The newly available real estate was used to develop the campuses of St. Ignatius College and San Francisco College for Women (now both part of University of San Francisco), Laurel Heights neighborhood, Rossi Playground, Jordan Park, and many other civic projects. One of the few remnants of this history is the San Francisco columbarium, whose verdigris neoclassical dome floats above the Pier One on Geary Boulevard. But more about that another time…

“Lost Urban Landscapes”

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“Walking down a city street, a casual visitor cannot perceive the ghosts that inhabit various sites as businesses change and buildings are razed. Preservation confronts development, and queer history in particular has long been ephemeral. Urban neighborhoods form organic geographic entities, their demographics and social characteristics shifting over time. Economic, gender and ethnic diversity, as well as density and functionality, are subject to continual change for a variety of reasons.”

I wrote the above for “Gayborhoods: Lost Queer Landscapes,” an exhibit I’ve curated as part of all new “Queer Past Becomes Present,” opening in mid-May at the GLBT Historical Society Museum at 18th and Castro. Across the large wall dominating the rear of the gallery I investigate once vibrant, now disappeared neighborhoods of North Beach, the Tenderloin, and the Valencia Street Corridor.

I am fascinated by lost urban environment, constantly curious about what used to be. On a trip to New Mexico many years ago, I became obsessed with Route 66, much to the dismay of my boyfriend. Now, whenever I wonder aloud what the history of a building or site might have been, he teases me by saying “It was part of Route 66!”

One of my favorite books is Ghosts of Berlin: Confronting German History in the Urban Landscape. Published in 1997, Brian Ladd’s thoughtful meditation confronts Germany’s controversial past as it engages in the process of reunification. How have specific buildings been used, how best to acknowledge those uses, mark the memories?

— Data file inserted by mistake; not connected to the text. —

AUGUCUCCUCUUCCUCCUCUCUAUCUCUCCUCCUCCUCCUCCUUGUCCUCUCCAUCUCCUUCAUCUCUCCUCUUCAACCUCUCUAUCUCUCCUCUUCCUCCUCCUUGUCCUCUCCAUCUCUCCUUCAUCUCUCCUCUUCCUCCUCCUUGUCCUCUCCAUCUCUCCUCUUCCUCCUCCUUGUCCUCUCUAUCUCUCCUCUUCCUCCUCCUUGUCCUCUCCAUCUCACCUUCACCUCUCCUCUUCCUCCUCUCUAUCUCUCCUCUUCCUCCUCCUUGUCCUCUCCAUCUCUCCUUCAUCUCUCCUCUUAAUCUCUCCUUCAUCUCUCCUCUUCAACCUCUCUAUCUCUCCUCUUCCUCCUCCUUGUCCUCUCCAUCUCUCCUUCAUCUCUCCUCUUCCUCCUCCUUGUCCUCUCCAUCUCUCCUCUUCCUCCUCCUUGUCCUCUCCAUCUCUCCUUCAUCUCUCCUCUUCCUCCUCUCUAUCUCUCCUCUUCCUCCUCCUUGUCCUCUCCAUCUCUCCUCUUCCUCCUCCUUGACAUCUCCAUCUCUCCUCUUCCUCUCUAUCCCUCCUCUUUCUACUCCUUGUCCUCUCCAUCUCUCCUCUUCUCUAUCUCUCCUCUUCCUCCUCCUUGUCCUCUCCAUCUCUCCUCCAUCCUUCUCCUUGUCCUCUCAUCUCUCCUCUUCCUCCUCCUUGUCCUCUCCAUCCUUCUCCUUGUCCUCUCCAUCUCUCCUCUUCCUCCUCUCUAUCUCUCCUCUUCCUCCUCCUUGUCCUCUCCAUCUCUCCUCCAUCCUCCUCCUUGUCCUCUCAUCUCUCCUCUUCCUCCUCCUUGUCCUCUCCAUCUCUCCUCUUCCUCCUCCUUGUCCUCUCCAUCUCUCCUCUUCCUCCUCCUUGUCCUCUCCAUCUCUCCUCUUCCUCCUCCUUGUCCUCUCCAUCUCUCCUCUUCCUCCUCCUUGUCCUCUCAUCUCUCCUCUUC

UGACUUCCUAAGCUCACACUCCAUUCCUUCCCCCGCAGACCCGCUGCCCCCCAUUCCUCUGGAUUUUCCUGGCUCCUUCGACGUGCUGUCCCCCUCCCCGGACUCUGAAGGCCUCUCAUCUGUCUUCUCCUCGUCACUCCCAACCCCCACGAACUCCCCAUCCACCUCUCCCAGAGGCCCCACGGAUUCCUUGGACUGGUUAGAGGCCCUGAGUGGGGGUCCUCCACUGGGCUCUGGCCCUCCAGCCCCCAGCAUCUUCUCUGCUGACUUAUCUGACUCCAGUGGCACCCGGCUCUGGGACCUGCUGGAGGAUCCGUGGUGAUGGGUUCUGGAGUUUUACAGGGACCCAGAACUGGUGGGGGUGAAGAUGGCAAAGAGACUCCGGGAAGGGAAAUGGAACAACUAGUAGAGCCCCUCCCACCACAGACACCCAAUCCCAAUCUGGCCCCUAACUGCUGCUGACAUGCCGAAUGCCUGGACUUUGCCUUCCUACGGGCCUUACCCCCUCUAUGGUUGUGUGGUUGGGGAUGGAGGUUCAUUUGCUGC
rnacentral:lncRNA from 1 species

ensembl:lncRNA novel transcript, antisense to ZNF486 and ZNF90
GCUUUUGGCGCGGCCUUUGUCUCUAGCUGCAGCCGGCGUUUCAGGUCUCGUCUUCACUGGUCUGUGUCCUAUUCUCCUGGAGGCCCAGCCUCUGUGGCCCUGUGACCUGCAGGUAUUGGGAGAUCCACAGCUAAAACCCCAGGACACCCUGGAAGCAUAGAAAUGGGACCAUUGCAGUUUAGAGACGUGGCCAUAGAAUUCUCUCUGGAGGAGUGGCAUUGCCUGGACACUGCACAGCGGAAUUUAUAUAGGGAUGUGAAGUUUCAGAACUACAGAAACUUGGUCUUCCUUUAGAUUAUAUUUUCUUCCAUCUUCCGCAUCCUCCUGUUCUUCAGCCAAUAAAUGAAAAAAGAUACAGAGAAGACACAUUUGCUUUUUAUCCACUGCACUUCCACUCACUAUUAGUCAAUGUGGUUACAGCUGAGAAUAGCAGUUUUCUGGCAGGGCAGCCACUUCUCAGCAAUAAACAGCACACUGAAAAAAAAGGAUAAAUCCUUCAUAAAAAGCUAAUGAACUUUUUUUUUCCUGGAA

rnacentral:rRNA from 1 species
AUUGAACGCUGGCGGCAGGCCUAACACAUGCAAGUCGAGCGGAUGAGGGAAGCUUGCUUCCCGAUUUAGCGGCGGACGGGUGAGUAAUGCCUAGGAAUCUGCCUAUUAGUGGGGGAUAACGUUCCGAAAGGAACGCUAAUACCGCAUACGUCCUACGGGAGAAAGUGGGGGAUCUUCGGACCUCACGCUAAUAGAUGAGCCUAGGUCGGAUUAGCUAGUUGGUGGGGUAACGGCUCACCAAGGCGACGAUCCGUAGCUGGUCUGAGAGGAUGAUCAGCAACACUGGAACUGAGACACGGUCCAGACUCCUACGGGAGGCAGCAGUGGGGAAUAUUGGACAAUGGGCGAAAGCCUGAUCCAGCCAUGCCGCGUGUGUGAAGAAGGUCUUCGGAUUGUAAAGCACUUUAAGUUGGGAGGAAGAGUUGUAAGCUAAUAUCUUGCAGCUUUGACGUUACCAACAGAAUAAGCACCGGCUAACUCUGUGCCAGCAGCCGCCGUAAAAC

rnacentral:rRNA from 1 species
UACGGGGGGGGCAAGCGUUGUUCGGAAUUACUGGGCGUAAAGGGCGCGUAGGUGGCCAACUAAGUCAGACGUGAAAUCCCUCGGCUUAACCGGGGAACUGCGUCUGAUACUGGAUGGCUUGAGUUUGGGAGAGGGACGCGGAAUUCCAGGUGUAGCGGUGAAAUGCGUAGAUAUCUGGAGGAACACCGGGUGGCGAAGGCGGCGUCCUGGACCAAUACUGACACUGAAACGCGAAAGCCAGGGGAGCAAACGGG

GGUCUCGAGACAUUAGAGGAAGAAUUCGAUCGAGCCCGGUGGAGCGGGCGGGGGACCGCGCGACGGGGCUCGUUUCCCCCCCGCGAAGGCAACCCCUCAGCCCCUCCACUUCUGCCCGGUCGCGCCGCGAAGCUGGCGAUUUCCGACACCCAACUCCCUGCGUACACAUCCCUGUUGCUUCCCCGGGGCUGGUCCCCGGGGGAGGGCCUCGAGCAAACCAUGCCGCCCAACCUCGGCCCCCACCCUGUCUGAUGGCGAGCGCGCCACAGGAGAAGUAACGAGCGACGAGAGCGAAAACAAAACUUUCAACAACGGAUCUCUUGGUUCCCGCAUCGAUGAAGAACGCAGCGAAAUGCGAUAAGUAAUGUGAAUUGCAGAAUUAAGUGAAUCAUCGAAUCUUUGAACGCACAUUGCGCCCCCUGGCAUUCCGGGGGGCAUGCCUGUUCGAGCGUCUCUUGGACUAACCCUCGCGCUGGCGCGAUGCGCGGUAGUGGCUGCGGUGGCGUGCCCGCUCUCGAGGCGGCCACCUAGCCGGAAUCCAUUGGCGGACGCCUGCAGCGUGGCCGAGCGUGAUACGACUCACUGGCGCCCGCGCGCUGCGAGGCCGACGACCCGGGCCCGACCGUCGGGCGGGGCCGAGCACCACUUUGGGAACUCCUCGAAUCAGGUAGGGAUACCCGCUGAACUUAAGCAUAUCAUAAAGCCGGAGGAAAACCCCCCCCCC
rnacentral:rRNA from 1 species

Shimon Attie found a brilliant way to acknowledge the past in his “Writing on the Wall” series of slide projections of pre-war photographs of Jewish establishments onto the same or nearby addresses in 1992. “Fragments of the past were introduced into the visual field of the present. Thus parts of long destroyed Jewish community life were visually stimulated, momentarily recreated.”

Steinstrasse 21: Slide Shimon Attie: "Projection of former Jewish-owned Pigeon Shop (1931)"

Shimon Attie: “Projection of former Jewish-owned Pigeon Shop (1931)”

Having lived and worked in San Francisco’s Western Addition neighborhood, I am fascinated by its rich history. The African American community, though largely wiped out by “Urban Renewal” is commemorated by the Historic Fillmore Jazz Preservation District, a mere echo of when the neighborhood was known as the “Harlem of the West.” The Japanese community, decimated by removal to relocation camps, is represented by a historic walking tour, Japantown businesses as well as by the Japan Center, constructed in 1968.